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Gay Stories: T.C., Living with HIV, Recalls the Early Days of AIDS

Tc

NATHAN MANSKE

Guestblogger Nathan Manske and Marquise Lee just finished a 4 month, 50 state tour of the United States collecting stories for their I'm From Driftwood site. We'll be sharing some of the stories they collected along with some of the insight into what they saw. They're still encouraging people to submit their written storiesvia IFD.

Nathan writes: Driftwood

We met T.C. at a Reading Event in Denver, at their shiny new LGBT Center. After the event we were having some small talk and while we already had our Video Stories scheduled for the next day, I knew we had to find time to fit in T.C.’s.

He shared a few stories with us and the edited one is what we thought was the most important. We’re hoping to post his others soon, which go into more details about his son, as well as meeting his first boyfriend at a biker bar. He explained with a glimmer in his eye that to this day his heart races when he hears a Harley roar by.

Watch, AFTER THE JUMP...

Previously in this series...
A Survivor's Account of an Unbelievable Hell Called Home [tr]
A Mayor's Coming Out [tr]
A Gay City Councilman Moves His Family to Higher Ground [tr]
Deaf, Gay, Bullied, and Fighting Back [tr]
San Francisco Supervisor Bevan Dufty on Bullying [tr]

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Comments

  1. Great story. Props for T.C.; you're a strong man and human being.

    Posted by: ratbastard | Feb 3, 2011 11:07:03 AM


  2. He had a kid when he was 13? That is a Southern Virginia story. Good for him to still be around. This is what determination looks like. I liked his comment about the power of the mind. So true.

    Posted by: Jonathan | Feb 3, 2011 11:32:43 AM


  3. He had a kid when he was 13? That is a Southern Virginia story. Good for him to still be around. This is what determination looks like. I liked his comment about the power of the mind. So true.

    Posted by: Jonathan | Feb 3, 2011 11:32:43 AM


  4. Bravo T.C.
    long life-

    Posted by: nick | Feb 3, 2011 11:57:42 AM


  5. I was in jr high, but remember that Rcok Hudson moment too and wondering what I was going to do since gay = death in the 80s.

    TC, God bless you man...you are remarkable.

    Posted by: Geoff | Feb 3, 2011 12:28:28 PM


  6. One foot in front of the other, right TC?

    Bless your heart.

    Posted by: The Milkman | Feb 3, 2011 1:07:05 PM


  7. wow. thank you for sharing that, tc. young guy living with hiv here.

    Posted by: me | Feb 3, 2011 1:19:51 PM


  8. thanks everybody for your thoughts & comments!
    & Milkman...yep...one foot in front of the other...it's the only way to live..& the post from ME...feel free to contact me to talk if you want to.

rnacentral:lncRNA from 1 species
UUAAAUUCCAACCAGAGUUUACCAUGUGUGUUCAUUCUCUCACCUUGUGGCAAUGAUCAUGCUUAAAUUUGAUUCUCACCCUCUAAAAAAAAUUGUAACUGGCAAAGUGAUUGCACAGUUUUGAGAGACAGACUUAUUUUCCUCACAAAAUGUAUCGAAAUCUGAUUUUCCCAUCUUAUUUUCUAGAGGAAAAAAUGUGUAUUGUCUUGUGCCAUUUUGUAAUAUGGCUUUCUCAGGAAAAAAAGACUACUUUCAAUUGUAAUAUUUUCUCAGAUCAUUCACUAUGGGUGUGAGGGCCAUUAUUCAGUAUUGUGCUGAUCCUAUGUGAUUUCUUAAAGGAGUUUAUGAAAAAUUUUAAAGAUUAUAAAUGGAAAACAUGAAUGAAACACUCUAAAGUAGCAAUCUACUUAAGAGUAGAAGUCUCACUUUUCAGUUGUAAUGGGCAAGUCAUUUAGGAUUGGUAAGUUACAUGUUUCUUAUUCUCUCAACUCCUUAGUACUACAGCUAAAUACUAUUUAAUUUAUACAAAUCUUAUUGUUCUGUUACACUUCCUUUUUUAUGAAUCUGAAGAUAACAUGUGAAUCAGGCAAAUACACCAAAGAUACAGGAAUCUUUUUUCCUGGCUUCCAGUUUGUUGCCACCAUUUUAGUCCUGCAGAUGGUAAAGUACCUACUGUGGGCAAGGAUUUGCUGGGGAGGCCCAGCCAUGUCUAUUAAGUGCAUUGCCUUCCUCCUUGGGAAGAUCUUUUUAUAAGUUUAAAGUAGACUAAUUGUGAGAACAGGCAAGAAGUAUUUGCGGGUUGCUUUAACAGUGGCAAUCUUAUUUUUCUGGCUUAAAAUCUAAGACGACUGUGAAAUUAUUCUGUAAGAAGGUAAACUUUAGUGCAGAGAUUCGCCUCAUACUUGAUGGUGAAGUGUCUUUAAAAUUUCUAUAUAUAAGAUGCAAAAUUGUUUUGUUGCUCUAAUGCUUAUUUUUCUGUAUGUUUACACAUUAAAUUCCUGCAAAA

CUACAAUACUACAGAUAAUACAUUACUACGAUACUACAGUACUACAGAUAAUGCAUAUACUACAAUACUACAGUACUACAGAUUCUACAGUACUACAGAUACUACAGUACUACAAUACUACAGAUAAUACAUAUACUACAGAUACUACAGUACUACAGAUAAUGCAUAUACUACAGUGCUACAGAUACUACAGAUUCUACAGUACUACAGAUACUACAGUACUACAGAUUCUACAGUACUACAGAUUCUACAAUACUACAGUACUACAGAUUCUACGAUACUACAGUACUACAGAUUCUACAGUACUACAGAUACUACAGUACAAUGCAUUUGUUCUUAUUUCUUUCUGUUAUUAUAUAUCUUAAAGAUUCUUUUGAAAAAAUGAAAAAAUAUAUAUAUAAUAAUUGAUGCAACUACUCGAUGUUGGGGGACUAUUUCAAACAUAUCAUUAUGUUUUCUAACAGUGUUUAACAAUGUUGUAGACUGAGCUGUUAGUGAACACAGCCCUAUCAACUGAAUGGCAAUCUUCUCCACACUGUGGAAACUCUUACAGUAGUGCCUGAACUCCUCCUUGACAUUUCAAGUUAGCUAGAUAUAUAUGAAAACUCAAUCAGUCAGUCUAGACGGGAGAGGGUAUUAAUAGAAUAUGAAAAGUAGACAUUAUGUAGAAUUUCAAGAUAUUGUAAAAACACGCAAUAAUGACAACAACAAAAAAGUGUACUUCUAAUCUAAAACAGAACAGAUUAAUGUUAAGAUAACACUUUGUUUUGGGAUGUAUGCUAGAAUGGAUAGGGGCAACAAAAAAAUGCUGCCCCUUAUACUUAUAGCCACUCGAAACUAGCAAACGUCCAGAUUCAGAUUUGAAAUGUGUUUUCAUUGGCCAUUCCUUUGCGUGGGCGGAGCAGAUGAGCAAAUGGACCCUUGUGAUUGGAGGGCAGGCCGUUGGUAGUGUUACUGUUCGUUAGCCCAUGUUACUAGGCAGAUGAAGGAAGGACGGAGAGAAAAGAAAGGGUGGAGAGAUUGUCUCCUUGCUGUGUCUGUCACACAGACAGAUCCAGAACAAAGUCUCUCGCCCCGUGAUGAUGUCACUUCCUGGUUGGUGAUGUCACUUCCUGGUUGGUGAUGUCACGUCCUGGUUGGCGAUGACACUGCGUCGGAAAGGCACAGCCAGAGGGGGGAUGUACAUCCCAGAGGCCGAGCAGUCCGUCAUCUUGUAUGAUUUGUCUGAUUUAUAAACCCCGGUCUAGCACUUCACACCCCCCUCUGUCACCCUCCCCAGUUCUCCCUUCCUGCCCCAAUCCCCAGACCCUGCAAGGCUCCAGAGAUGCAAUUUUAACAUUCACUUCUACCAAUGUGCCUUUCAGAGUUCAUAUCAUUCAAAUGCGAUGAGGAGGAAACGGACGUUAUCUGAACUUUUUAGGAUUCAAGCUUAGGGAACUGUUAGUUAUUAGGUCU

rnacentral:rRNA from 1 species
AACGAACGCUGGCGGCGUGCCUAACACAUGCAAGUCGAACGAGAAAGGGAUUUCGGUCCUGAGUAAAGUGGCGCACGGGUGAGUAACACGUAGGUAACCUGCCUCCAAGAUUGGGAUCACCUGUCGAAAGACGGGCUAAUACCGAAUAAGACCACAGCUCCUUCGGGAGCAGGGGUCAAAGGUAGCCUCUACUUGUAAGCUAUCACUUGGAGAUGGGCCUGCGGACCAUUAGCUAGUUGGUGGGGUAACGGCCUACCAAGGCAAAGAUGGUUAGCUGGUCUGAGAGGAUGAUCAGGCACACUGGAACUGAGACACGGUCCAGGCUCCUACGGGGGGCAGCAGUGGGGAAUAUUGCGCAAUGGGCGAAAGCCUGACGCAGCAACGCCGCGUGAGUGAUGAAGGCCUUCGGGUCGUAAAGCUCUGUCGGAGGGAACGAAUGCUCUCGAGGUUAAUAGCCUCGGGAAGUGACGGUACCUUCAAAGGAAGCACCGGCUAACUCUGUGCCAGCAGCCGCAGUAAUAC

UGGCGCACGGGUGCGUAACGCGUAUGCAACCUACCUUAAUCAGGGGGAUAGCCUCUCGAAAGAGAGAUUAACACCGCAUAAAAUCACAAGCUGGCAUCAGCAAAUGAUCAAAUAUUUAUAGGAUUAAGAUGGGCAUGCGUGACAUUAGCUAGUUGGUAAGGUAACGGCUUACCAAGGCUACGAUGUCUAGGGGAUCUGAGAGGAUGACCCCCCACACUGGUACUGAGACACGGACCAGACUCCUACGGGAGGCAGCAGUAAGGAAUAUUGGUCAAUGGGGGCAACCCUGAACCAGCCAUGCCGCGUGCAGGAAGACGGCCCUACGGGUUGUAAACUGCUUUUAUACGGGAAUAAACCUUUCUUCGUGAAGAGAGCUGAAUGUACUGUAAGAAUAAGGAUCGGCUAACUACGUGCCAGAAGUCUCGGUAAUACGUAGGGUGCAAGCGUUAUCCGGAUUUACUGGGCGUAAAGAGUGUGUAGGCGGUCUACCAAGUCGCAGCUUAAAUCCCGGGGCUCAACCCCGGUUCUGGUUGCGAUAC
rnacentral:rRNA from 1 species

Posted by: TC Haskins | Feb 3, 2011 1:48:05 PM


  9. Hey T.C., glad to see you are doing alright. Thanks for sharing your story. XO

    Posted by: homer | Feb 3, 2011 3:56:47 PM


  10. Bravo, TC.

    Posted by: Zlick | Feb 3, 2011 4:02:54 PM


  11. Beautiful. Keep on Truckin T.C.
    Living w/HIV and found that to be so very uplifting. God bless you man, you've inspired me! Wishing you continued health and a long happy life.

    Posted by: Alexander | Feb 3, 2011 6:28:15 PM


  12. Is the rest of this interview posted anywhere? If not can you please post the rest of it? I know TC and he is one hell of a guy. I would love to see the interview in it's entirity.

    Posted by: Ken Sutton | Feb 3, 2011 11:36:21 PM


  13. Thanks, TC, for this stark reminder of what it was like. I was in my mid 30s in 1985, and living in SF. I had started to see people die at the end of 1981; I was diagnosed with HIV in 1985 after entering a national health study (which I participate in to this day.) I remember we were desperate for anything as a possible cure. I was buying these lecithin packets through a "buyers club" in SF. They came from India, I think, and you had to keep them refrigerated and squeeze the lecithin into a glass of OJ with a RAW egg yolk and swallow that. I did that for a few years. It tasted like crap. But someone had come up with this as a possible remedy and people were desperate to try anything. I remember the summer of 1983 in particular; it was a living nightmare. You'd see people walking through the Castro on Saturday morning, among them your friends, or faces you knew from the gym or the bars or the baths, and they looked like zombies. Some had just discovered a purple spot on their bodies (likely KS, which was rampant then); others' faces were ashen with the grief of having suddenly lost friends. It was like a wildfire consuming the city. I think about the friends who didn't make it to 1996, when protease inhibitors appeared, and I wonder what my life would be like if I still had those buddies. Many of them had a more positive outlook on things than I did, and supported me through my fear. Despite that, they went from diagnosis to death in 18 months, which was pretty much the course back then. But we were close and I will never forget my SF family. We were a community fighting -- mostly alone -- for our survival back then. We forget that at our peril.

    Posted by: Nick | Feb 4, 2011 7:49:33 PM


  14. Thanks T.C. for your great sharing. I was diagnosed positive in 2002 and confess my feelings were that worst - wouldn't trust anybody, any doctor, any medicines... just thought death as close. Now I think there might be life after HIV, and your true story becomes part of it. Best wishes =o)

    Posted by: Daniel | Mar 21, 2011 2:28:00 PM


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